I squeeze the malachite stone as if it was one of those “stress” balls used to relieve tension and exercise the forearm.
My fingers play with it, pressing it to the palm, one finger at a time. I feel muscles strengthen. I switch the stone from the left to right hand and place a“pointy” section of the rock between the index and middle finger. It stays put while I do some minor tasks. Driving the car, cleaning the litter box, preparing food for the microwave. Gotta remove it to type, however, but I place it right below the monitor screen, elevated on a 4-inch wooden platform. Now I can not only see it but remind my psyche to absorb the energy from such proximity.
I obtained the malachite stone Saturday. I felt drawn to it. You see, I got “nudged” by two people from two different fields of life to visit the “Rock Star Gallery” in the Mt. Airy section of Philadelphia, PA . Tracie Nichols, co-director of Eco Libra (see Time travel a stone’s throw (or hold) away), and Jody Schwartz-Levy, a Soma therapist working out of the Resiliency Center of Ambler, PA, had recommended the place.
Jody used stones that Tracie had helped the young psychologist handle in her current practice. Can you imagine my surprise less than a day after attending a “Stone Listening Circle” to come across someone who not only knew the instructor, but displayed the same stone I had been drawn to only 15 hours earlier!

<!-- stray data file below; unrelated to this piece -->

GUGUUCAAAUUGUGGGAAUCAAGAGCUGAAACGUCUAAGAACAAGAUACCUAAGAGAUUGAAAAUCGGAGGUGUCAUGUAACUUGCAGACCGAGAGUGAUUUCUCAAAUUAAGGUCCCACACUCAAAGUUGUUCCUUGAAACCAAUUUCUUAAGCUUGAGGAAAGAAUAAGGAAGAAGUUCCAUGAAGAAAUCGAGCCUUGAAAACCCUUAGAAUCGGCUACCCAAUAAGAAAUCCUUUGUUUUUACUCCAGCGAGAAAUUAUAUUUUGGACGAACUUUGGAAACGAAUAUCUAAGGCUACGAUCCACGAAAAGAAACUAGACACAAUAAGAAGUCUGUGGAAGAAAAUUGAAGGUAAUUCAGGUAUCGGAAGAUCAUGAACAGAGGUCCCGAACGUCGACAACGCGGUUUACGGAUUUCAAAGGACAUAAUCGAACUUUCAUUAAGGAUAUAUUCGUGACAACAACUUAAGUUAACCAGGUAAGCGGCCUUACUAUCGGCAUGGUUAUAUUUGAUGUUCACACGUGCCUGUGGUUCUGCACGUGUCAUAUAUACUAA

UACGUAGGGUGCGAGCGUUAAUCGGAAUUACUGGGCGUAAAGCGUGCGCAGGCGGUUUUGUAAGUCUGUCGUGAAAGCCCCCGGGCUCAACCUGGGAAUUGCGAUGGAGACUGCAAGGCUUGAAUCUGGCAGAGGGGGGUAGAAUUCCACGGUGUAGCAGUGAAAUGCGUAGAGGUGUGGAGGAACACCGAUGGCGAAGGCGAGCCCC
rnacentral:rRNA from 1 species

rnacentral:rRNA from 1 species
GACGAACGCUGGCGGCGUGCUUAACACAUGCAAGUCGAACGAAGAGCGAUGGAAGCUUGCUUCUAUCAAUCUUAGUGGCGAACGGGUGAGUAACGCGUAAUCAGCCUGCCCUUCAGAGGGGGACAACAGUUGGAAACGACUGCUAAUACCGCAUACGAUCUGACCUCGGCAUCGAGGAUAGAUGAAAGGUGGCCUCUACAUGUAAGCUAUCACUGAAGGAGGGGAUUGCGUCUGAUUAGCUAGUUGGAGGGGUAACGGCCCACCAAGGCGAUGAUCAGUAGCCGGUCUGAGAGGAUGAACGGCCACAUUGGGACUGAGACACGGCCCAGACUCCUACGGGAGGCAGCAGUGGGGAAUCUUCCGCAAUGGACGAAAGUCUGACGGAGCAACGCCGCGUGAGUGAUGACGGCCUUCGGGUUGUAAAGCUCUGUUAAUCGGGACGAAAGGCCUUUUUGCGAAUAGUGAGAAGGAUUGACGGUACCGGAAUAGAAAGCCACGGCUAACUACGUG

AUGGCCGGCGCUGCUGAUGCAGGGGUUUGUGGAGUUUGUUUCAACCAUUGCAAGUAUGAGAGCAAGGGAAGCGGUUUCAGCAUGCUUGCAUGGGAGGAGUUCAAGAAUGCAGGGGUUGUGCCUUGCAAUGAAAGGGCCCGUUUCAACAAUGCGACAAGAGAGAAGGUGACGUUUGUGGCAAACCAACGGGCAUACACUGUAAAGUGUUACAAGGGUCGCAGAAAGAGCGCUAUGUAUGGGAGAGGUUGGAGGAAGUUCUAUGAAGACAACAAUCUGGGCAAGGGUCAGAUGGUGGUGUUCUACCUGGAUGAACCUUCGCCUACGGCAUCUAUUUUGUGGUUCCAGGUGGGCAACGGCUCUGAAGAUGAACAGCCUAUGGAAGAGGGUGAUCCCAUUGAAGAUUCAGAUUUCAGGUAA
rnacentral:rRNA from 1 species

There was a malachite rock. Spread on the carpet with other stones as Jody told the “soma” participants to let the stones help us, if we chose to. I did. It helped. And some three hours later, I braved a torrential downpour to find this “Rock Star Gallery” that she and Tracie recommend I visit.(See rockstarcrystalgallery.)
I was soaked by the time I got out of my car and walked into the store. And that was with an umbrella that had got blown inside out several times as I jaunted the few feet from my car to the entrance door. But the trek was well worth it. Once inside, I saw stones upon stones, rocks of all shapes and sizes and an uncut crystal as large as the ball dropped in Times Square to usher in the New Year. Well, maybe not that big, but you get the idea.
Two people greeted me. A tall blonde-hair young man named Josh, who spoke and smiled as gently as a fawn, treating me as if his only pleasure in the world would be to serve me. Then I saw the owner, Kate, a tiny wisp of a woman, who didn’t walk like you and me, but seemed to glide as if floating on the air like a fairy with magical abilities.
The 29-year-old woman was no pansy, I assure you. She’s an excavator, who actually “mined” the land in Arkansas, digging for several of the stones adorning the many shelves in the store. She studied dance and “performed” a step or two of some “interpretive” thing, but having last danced to something called the “Mashed Potatoes,” I didn’t recognize it.
Josh directed me to one shelf at the rear of the store when I asked for malachite. There were some 10 pieces in different shapes and sizes, each with a tiny price tag on them. I picked up one at a time. Fingered them, felt them in the palm of my hand. And then chose the one. It charmed itself into my life and I plan to hold onto it .
Again and again.